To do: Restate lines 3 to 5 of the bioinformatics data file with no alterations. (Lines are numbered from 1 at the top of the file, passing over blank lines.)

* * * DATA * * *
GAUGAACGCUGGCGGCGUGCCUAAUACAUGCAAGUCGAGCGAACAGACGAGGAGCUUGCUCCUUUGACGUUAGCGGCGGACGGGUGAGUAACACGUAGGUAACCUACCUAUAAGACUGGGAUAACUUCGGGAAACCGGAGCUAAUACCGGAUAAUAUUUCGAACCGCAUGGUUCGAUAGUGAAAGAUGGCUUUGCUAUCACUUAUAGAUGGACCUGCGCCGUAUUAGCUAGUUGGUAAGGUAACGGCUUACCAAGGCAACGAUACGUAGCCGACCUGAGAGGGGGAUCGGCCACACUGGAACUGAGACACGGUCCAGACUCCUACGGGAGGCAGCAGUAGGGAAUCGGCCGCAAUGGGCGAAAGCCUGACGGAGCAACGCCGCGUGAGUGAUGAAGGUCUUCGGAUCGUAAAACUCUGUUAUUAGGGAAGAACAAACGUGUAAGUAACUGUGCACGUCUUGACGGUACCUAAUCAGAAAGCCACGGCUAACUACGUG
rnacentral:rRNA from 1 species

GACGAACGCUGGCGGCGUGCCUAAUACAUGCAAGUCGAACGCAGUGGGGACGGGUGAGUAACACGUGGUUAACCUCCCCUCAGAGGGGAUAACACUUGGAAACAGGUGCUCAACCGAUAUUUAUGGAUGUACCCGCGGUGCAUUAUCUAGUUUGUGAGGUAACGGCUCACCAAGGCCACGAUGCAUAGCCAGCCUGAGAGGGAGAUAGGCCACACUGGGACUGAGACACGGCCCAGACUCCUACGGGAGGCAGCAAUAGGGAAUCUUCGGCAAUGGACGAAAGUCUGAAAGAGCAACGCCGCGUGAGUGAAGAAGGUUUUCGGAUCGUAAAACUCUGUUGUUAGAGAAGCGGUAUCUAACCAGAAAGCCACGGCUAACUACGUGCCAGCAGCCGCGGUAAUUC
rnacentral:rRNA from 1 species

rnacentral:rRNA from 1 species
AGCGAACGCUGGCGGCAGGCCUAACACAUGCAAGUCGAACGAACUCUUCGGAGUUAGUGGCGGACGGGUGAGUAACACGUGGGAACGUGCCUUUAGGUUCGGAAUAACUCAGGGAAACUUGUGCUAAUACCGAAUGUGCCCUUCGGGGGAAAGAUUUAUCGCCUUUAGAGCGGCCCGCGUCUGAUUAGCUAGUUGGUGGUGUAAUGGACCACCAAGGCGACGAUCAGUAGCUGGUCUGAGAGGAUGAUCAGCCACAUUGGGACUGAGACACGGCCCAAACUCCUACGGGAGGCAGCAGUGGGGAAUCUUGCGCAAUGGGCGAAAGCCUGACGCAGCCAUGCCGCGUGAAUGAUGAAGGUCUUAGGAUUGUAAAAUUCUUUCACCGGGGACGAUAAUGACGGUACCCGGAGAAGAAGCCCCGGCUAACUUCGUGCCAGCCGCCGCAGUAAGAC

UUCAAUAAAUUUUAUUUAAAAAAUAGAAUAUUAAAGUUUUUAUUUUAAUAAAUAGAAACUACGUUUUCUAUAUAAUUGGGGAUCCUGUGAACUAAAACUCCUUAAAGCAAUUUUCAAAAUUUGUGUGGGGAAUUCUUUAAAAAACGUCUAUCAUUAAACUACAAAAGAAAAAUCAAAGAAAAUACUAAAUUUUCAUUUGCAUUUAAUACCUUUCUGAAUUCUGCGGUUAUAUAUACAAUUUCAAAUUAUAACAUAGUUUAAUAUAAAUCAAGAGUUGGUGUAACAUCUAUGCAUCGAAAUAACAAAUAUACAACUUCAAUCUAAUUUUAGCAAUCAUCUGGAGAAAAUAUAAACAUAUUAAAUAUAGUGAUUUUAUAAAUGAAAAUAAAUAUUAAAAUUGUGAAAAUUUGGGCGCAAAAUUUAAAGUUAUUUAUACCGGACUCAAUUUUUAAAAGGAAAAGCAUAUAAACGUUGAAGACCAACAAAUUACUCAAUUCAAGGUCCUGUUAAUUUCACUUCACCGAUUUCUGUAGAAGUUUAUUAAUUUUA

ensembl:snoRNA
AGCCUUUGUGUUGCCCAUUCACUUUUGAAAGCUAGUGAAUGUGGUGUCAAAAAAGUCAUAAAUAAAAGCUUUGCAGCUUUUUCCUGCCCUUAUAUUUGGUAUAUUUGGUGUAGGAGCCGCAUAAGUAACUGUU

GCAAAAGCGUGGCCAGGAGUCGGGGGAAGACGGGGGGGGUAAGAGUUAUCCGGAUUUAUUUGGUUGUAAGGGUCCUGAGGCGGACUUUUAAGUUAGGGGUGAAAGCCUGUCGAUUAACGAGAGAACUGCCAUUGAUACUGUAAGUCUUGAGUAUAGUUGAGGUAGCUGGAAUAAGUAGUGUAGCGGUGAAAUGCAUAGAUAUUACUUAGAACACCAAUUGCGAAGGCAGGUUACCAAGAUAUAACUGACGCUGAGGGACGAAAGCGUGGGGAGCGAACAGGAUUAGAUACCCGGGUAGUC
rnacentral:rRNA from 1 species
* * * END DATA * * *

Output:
GACGAACGCUGGCGGCGUGCCUAAUACAUGCAAGUCGAACGCAGUGGGGACGGGUGAGUAACACGUGGUUAACCUCCCCUCAGAGGGGAUAACACUUGGAAACAGGUGCUCAACCGAUAUUUAUGGAUGUACCCGCGGUGCAUUAUCUAGUUUGUGAGGUAACGGCUCACCAAGGCCACGAUGCAUAGCCAGCCUGAGAGGGAGAUAGGCCACACUGGGACUGAGACACGGCCCAGACUCCUACGGGAGGCAGCAAUAGGGAAUCUUCGGCAAUGGACGAAAGUCUGAAAGAGCAACGCCGCGUGAGUGAAGAAGGUUUUCGGAUCGUAAAACUCUGUUGUUAGAGAAGCGGUAUCUAACCAGAAAGCCACGGCUAACUACGUGCCAGCAGCCGCGGUAAUUC
rnacentral:rRNA from 1 species

rnacentral:rRNA from 1 species